Community Research and Development Information Service - CORDIS


FishDirector Report Summary

Project ID: 696556

Periodic Reporting for period 1 - FishDirector (Automatic Scalable VM Management for Data Centre Optimisation)

Reporting period: 2015-10-01 to 2016-03-31

Summary of the context and overall objectives of the project

The growth in the individual size and number of data centres has resulted in a relative shift in the energy footprint of the IT sector from devices to data centre and networks. The aggregate electricity demand of the cloud (including data centres and networks, but not devices) in 2011 was 684 billion kWh (if compared with the electricity demand of individual countries in the same year, the cloud would rank 6th in the world)5 and is predicted to increase by 81% by 20206. The energy costs of powering data centres is thus becoming a significant operational cost for data centre operators and has focused attention on improving the energy efficiencies of data centres and reducing their carbon footprint.
Whilst reductions in the individual energy consumption of servers due to new low power CPU architectures and multi-core designs have been readily implemented, there has been little improvement in the efficiency of server utilisation. As ‘on-demand’ services impose varying loads on a data centre, most servers will either be operating at a fraction of their capability or may even be unused yet still powered up. A 2008 survey by McKinsey & Company found that server utilization rarely exceeded 6% and overall data centre utilization was as low as 50%7 whilst an NDRC study found that the average US server operates at only 5% -
15% utilization level while consuming 60% - 90% of its maximum system power8. A more recent IBM study indicated that despite hardware improvements, the mean server CPU utilization is still only 18% In order to reduce their hardware (i.e. server) costs and reduce their overall energy consumption data centres have begun to adopt virtualization, running multiple virtual machines (VMs) on each server. In a virtualized environment, live VM migration capabilities to relocate VMs both within single (and for large enterprises, across multiple data centres) can be exploited to achieve various resource management objectives, in particular reducing the number of active servers needed at any given time to meet a load (‘resource-load matching’) thus allowing inactive servers to be powered down (typically 15% - 30% of the servers in a data centre are running but without meeting any of the load10). In addition virtualization eases server maintenance provisioning and fault tolerance management11.
In a modern data centre, the VM workload is dynamic, varying in response to user demand. However, data centre operators do not currently have a comprehensive automated system for optimally placing VMs and allocating the optimal number of servers to meet the workload requirements. This results in sub-optimal hardware utilization as mentioned above, high hardware (servers and storage) and facility CapEx, a high OpEx (energy consumption) and a poorer end user experience (lower response time and/or intermittent availability). The few existing tools for managing data centre workloads do not scale, forcing data centres to be sub-divided into management entities of circa 100 servers, leading to greater operational complexity.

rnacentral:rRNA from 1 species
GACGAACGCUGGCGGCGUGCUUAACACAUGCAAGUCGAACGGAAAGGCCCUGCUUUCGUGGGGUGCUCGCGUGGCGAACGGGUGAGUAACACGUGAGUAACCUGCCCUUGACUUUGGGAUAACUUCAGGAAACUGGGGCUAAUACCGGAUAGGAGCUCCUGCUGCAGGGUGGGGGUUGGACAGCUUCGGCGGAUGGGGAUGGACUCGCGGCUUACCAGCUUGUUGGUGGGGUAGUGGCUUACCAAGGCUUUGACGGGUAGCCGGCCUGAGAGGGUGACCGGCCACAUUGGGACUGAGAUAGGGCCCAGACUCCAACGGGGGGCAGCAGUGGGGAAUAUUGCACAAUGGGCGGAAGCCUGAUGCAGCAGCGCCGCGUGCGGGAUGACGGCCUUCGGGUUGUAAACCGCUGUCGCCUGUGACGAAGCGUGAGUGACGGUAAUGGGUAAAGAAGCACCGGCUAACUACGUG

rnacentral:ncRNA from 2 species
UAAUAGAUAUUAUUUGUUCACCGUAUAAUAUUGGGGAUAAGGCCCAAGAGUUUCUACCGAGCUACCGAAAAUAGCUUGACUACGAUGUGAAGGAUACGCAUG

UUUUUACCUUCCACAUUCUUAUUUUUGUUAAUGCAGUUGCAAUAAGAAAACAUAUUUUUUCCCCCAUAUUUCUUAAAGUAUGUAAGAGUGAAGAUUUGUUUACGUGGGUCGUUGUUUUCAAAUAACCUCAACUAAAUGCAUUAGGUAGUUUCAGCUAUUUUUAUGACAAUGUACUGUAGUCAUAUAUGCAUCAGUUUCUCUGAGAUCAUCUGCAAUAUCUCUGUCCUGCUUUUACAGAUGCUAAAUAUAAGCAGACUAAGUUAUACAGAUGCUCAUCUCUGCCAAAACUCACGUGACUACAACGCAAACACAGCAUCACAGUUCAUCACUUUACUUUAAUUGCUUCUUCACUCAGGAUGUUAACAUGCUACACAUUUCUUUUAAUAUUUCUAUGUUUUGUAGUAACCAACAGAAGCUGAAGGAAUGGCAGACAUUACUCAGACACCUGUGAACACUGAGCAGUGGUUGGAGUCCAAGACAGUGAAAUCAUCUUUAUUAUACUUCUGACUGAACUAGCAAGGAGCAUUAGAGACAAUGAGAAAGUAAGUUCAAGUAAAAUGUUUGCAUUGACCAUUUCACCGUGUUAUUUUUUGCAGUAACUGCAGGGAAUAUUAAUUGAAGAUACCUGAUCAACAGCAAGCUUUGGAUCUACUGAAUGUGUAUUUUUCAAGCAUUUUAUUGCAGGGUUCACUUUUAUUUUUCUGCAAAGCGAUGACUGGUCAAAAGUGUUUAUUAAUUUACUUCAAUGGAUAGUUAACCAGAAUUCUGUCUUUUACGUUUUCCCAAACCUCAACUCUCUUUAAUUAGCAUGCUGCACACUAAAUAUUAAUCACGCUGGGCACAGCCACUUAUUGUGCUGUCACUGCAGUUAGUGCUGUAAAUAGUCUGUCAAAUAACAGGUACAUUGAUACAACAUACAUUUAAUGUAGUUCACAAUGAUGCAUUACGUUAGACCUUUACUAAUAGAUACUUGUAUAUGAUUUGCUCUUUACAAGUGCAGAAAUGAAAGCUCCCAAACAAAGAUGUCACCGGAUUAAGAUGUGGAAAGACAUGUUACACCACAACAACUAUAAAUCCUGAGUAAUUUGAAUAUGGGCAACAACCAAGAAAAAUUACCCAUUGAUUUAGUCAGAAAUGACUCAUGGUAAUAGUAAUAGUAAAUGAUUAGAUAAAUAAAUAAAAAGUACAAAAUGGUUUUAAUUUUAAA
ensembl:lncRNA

The Specific Objectives of FishDirector Innovation Project – Our FishDirector software has been developed to the stage where it is ready for testing under real world conditions. We therefore propose a Feasibility Study to verify the technical and economic viability of its implemtation including a technology state-of-the-art review to assess potential competitors, market analysis, identification and planning for testing/demonstration, and formulation of an elaborated business plan, with a view to continue to an application to phase 2 of the SME Instrument. We therefore propose to conduct a phase 1 Feasibility Study with the following Objectives:
F1 - Market and competitor analysis:
• Assess user needs, demand and market segments and sizes.
• Identify purchase processes, channels and gatekeepers.
F2 - Cost assessment:
• Assess the product development, production and demonstration/testing costs.
F3 - Business plan development:
• Determine the optimal go-to-market strategy.
• Decide upon likely revenue stream(s) arising from implementation of the strategy.
• Develop the price model and structure.
• Conduct risk assessment.
• Formulate an exploitation and dissemination plan.
• Explore the possibilities and implications of product adaptation or customisation for third-party customers.
F4 - IPR analysis and novelty verification/network patent analysis (see section 2.2).
F5 - Demonstration design:
• Establish the requirements (hardware, personnel) for undertaking demonstrations of FishDirector at a data centre under real load operating conditions.
F6 - Plan for phase 2 development
• Formulate a detailed work plan for the phase 2 project.

Work performed from the beginning of the project to the end of the period covered by the report and main results achieved so far

Sardina Systems has implemented a feasibility study on the commercialization of FishDirector technology, a technical and economic validation FishDirector software solution, including data and documentation ready for commercialization across European and US markets.

Substantial market and competitor SWOT analysis was conducted to contrast 7 major competitors, analyzing Sardina Systems as a company and the FishDirector product. The outcome highlighted the uniqueness of FishDirector and the extensive commercial opportunity available.

We carried out a full business analysis and business plan on commercialization of FishDirector technology. As part of this effort, we further refined our financial, marketing, technical development, pre/post sales services and human resources plan for further product development, customer support, operation and marketing. The cost estimates have also been validated include reasonable expenditures for maintenance, equipment, hosting and other development and operational costs.